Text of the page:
I had a comfortable upbringing. We were a middle-class family but not one for showing off. We holidayed exclusively in the UK and mostly near Blackpool. My parents were careful with money even though they weren’t short of it, as I later realised. To add to my pocket money, I did various paper rounds from the age of 14 until I was 18, so that I had more money to spend. I learned to manage the little money I had to fund my hobbies and interests. I sometimes borrowed from my dad to order or buy something I was saving up for. I always paid him back. My parents would never have considered private schools and I had little awareness of them. The eleven plus for grammar school selection was abolished locally just before I was eleven. I attended local comprehensive schools and was the first in my family to go to university.
I was an untypical student. My first term’s student grant felt like a large amount but more than half was taken by student hall accommodation and meal charges. I started a cash book to keep track of my money and my spending. I’ve maintained such records ever since then. I finished the first term in the black having not spent all my grant! I was careful but not completely deprived. In my second year I moved into a bedsit and aimed to live on a budget of £40 per week that had to cover rent, travel fares, groceries and any drinks or small luxuries. I was back in a student hall for my third year. I never lived in a student house share, so I missed that experience, although I did visit friends in one not unlike this one:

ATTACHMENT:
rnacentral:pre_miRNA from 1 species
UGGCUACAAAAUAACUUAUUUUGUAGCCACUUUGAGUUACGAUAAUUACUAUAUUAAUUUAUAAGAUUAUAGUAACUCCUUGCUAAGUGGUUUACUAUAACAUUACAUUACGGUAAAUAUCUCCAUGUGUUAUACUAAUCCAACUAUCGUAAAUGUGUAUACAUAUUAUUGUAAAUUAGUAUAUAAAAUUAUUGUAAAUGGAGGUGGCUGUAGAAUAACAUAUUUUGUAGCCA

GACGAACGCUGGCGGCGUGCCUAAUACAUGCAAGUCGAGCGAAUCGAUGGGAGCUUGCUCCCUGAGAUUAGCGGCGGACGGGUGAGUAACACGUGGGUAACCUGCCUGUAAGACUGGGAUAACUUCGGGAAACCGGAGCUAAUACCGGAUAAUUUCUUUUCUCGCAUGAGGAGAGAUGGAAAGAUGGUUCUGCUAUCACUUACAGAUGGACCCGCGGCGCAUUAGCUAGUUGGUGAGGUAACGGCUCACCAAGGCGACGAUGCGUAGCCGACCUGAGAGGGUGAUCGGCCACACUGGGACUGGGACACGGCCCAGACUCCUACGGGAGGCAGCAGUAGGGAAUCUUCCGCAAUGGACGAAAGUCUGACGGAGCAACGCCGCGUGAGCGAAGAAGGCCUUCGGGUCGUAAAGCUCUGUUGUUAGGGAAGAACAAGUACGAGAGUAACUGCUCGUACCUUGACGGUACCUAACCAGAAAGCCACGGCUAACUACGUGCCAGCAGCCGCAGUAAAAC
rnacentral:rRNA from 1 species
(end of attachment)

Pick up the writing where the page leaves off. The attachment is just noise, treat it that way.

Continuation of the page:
I stayed in the black and never had a bank overdraft during the three years. I had a credit card but only used it once, to buy a 12” black and white TV, and immediately paid the bill in full. I’ve always paid in full since then and never taken on any consumer debt. By the time I was 21 I had five bank accounts which amused my student friends. I had a current account and a deposit account which held my student grant. I also had one building society monthly savings account holding money previously saved monthly by my parents for my benefit, and another account holding money given to me from my deceased grandmother’s estate. I opened another account with National Savings because it paid 14% interest! This was the early 1980’s. I was careful with my money but I was still able to have drinks with friends and a meal out for my 21st birthday. I later on worked for someone who said they wished that they had gone to university so they could have learned how to manage on a little money. I was able to do that.
I struggled to get my first job. I lived at home with my parents for a year whilst applying for jobs and then, after getting one, waiting to start. I didn’t spend much until I had a job to go to. Then I felt able to indulge a little and buy some hi-fi equipment. I had to relocate for the job and the employer found me some temporary accommodation in a hostel. This was quite basic, but cheap, and compared poorly to my previous student accommodation. I shared a room with a shift worker and got to listen to his hi-fi. I only stayed there for four months.